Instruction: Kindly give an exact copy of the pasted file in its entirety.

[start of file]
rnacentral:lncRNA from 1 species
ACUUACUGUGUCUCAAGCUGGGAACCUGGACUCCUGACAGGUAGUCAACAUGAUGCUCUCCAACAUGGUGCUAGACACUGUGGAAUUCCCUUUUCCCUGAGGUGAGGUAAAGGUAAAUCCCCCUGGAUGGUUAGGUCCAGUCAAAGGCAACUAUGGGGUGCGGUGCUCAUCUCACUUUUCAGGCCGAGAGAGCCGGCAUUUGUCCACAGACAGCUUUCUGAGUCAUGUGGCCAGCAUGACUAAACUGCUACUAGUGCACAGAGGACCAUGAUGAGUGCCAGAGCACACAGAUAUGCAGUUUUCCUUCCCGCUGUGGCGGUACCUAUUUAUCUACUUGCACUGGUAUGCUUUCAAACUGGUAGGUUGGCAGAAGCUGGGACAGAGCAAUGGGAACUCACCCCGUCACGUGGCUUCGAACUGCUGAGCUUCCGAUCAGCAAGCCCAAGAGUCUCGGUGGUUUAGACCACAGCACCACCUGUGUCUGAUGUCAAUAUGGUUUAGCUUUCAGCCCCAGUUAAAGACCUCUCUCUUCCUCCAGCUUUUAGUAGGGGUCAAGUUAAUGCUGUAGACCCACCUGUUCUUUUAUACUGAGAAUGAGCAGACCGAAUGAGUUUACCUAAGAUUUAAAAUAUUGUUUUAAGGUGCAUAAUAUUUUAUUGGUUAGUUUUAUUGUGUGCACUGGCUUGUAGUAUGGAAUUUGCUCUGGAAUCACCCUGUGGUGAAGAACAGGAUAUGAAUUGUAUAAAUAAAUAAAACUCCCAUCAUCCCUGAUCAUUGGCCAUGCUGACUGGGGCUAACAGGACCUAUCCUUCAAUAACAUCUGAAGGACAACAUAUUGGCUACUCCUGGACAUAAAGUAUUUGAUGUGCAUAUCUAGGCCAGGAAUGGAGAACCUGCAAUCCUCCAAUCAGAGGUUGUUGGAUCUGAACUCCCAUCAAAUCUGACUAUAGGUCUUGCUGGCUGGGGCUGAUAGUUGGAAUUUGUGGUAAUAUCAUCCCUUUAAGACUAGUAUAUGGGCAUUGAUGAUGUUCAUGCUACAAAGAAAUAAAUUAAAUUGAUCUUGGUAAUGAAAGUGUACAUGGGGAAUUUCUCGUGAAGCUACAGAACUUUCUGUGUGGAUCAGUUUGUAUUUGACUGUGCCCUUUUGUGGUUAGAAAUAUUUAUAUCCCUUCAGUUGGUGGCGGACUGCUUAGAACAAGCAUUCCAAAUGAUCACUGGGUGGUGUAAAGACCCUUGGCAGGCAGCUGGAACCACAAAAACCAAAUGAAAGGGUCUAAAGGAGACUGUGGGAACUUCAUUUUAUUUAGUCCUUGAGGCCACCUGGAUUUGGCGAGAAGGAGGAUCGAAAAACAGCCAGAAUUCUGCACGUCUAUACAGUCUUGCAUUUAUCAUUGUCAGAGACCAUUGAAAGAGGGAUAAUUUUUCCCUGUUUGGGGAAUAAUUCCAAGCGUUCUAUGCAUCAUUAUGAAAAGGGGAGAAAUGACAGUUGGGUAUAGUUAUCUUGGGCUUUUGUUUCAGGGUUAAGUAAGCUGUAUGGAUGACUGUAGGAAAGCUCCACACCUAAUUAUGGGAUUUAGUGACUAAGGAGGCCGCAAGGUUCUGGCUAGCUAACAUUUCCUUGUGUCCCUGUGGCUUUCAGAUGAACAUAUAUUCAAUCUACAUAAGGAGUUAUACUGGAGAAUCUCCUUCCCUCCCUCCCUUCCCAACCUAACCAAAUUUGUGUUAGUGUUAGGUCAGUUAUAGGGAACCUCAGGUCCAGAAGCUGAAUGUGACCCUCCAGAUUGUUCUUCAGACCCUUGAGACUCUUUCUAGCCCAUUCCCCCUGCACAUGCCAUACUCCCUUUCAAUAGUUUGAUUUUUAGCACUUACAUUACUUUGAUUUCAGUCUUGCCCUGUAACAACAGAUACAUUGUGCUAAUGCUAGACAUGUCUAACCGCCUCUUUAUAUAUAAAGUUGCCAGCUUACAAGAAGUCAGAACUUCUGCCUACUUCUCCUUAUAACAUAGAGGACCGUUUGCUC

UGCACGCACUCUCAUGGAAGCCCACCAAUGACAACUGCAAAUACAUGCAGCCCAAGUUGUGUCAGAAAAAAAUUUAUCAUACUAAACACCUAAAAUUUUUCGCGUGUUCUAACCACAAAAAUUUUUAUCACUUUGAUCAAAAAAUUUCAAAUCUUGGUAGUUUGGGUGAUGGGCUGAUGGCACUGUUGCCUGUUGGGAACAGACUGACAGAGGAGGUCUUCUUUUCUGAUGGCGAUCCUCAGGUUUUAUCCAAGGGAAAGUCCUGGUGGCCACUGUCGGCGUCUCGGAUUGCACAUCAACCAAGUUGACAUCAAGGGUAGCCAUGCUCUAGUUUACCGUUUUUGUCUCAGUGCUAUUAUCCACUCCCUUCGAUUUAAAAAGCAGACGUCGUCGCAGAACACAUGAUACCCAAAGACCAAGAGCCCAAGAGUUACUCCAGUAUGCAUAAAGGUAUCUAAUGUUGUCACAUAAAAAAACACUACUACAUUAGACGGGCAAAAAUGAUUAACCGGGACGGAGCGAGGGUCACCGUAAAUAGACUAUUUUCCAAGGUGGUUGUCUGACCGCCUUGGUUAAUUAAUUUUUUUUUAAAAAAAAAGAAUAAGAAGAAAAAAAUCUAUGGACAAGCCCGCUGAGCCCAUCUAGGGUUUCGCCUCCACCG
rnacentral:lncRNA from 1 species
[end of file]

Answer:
rnacentral:lncRNA from 1 species
ACUUACUGUGUCUCAAGCUGGGAACCUGGACUCCUGACAGGUAGUCAACAUGAUGCUCUCCAACAUGGUGCUAGACACUGUGGAAUUCCCUUUUCCCUGAGGUGAGGUAAAGGUAAAUCCCCCUGGAUGGUUAGGUCCAGUCAAAGGCAACUAUGGGGUGCGGUGCUCAUCUCACUUUUCAGGCCGAGAGAGCCGGCAUUUGUCCACAGACAGCUUUCUGAGUCAUGUGGCCAGCAUGACUAAACUGCUACUAGUGCACAGAGGACCAUGAUGAGUGCCAGAGCACACAGAUAUGCAGUUUUCCUUCCCGCUGUGGCGGUACCUAUUUAUCUACUUGCACUGGUAUGCUUUCAAACUGGUAGGUUGGCAGAAGCUGGGACAGAGCAAUGGGAACUCACCCCGUCACGUGGCUUCGAACUGCUGAGCUUCCGAUCAGCAAGCCCAAGAGUCUCGGUGGUUUAGACCACAGCACCACCUGUGUCUGAUGUCAAUAUGGUUUAGCUUUCAGCCCCAGUUAAAGACCUCUCUCUUCCUCCAGCUUUUAGUAGGGGUCAAGUUAAUGCUGUAGACCCACCUGUUCUUUUAUACUGAGAAUGAGCAGACCGAAUGAGUUUACCUAAGAUUUAAAAUAUUGUUUUAAGGUGCAUAAUAUUUUAUUGGUUAGUUUUAUUGUGUGCACUGGCUUGUAGUAUGGAAUUUGCUCUGGAAUCACCCUGUGGUGAAGAACAGGAUAUGAAUUGUAUAAAUAAAUAAAACUCCCAUCAUCCCUGAUCAUUGGCCAUGCUGACUGGGGCUAACAGGACCUAUCCUUCAAUAACAUCUGAAGGACAACAUAUUGGCUACUCCUGGACAUAAAGUAUUUGAUGUGCAUAUCUAGGCCAGGAAUGGAGAACCUGCAAUCCUCCAAUCAGAGGUUGUUGGAUCUGAACUCCCAUCAAAUCUGACUAUAGGUCUUGCUGGCUGGGGCUGAUAGUUGGAAUUUGUGGUAAUAUCAUCCCUUUAAGACUAGUAUAUGGGCAUUGAUGAUGUUCAUGCUACAAAGAAAUAAAUUAAAUUGAUCUUGGUAAUGAAAGUGUACAUGGGGAAUUUCUCGUGAAGCUACAGAACUUUCUGUGUGGAUCAGUUUGUAUUUGACUGUGCCCUUUUGUGGUUAGAAAUAUUUAUAUCCCUUCAGUUGGUGGCGGACUGCUUAGAACAAGCAUUCCAAAUGAUCACUGGGUGGUGUAAAGACCCUUGGCAGGCAGCUGGAACCACAAAAACCAAAUGAAAGGGUCUAAAGGAGACUGUGGGAACUUCAUUUUAUUUAGUCCUUGAGGCCACCUGGAUUUGGCGAGAAGGAGGAUCGAAAAACAGCCAGAAUUCUGCACGUCUAUACAGUCUUGCAUUUAUCAUUGUCAGAGACCAUUGAAAGAGGGAUAAUUUUUCCCUGUUUGGGGAAUAAUUCCAAGCGUUCUAUGCAUCAUUAUGAAAAGGGGAGAAAUGACAGUUGGGUAUAGUUAUCUUGGGCUUUUGUUUCAGGGUUAAGUAAGCUGUAUGGAUGACUGUAGGAAAGCUCCACACCUAAUUAUGGGAUUUAGUGACUAAGGAGGCCGCAAGGUUCUGGCUAGCUAACAUUUCCUUGUGUCCCUGUGGCUUUCAGAUGAACAUAUAUUCAAUCUACAUAAGGAGUUAUACUGGAGAAUCUCCUUCCCUCCCUCCCUUCCCAACCUAACCAAAUUUGUGUUAGUGUUAGGUCAGUUAUAGGGAACCUCAGGUCCAGAAGCUGAAUGUGACCCUCCAGAUUGUUCUUCAGACCCUUGAGACUCUUUCUAGCCCAUUCCCCCUGCACAUGCCAUACUCCCUUUCAAUAGUUUGAUUUUUAGCACUUACAUUACUUUGAUUUCAGUCUUGCCCUGUAACAACAGAUACAUUGUGCUAAUGCUAGACAUGUCUAACCGCCUCUUUAUAUAUAAAGUUGCCAGCUUACAAGAAGUCAGAACUUCUGCCUACUUCUCCUUAUAACAUAGAGGACCGUUUGCUC

UGCACGCACUCUCAUGGAAGCCCACCAAUGACAACUGCAAAUACAUGCAGCCCAAGUUGUGUCAGAAAAAAAUUUAUCAUACUAAACACCUAAAAUUUUUCGCGUGUUCUAACCACAAAAAUUUUUAUCACUUUGAUCAAAAAAUUUCAAAUCUUGGUAGUUUGGGUGAUGGGCUGAUGGCACUGUUGCCUGUUGGGAACAGACUGACAGAGGAGGUCUUCUUUUCUGAUGGCGAUCCUCAGGUUUUAUCCAAGGGAAAGUCCUGGUGGCCACUGUCGGCGUCUCGGAUUGCACAUCAACCAAGUUGACAUCAAGGGUAGCCAUGCUCUAGUUUACCGUUUUUGUCUCAGUGCUAUUAUCCACUCCCUUCGAUUUAAAAAGCAGACGUCGUCGCAGAACACAUGAUACCCAAAGACCAAGAGCCCAAGAGUUACUCCAGUAUGCAUAAAGGUAUCUAAUGUUGUCACAUAAAAAAACACUACUACAUUAGACGGGCAAAAAUGAUUAACCGGGACGGAGCGAGGGUCACCGUAAAUAGACUAUUUUCCAAGGUGGUUGUCUGACCGCCUUGGUUAAUUAAUUUUUUUUUAAAAAAAAAGAAUAAGAAGAAAAAAAUCUAUGGACAAGCCCGCUGAGCCCAUCUAGGGUUUCGCCUCCACCG
rnacentral:lncRNA from 1 species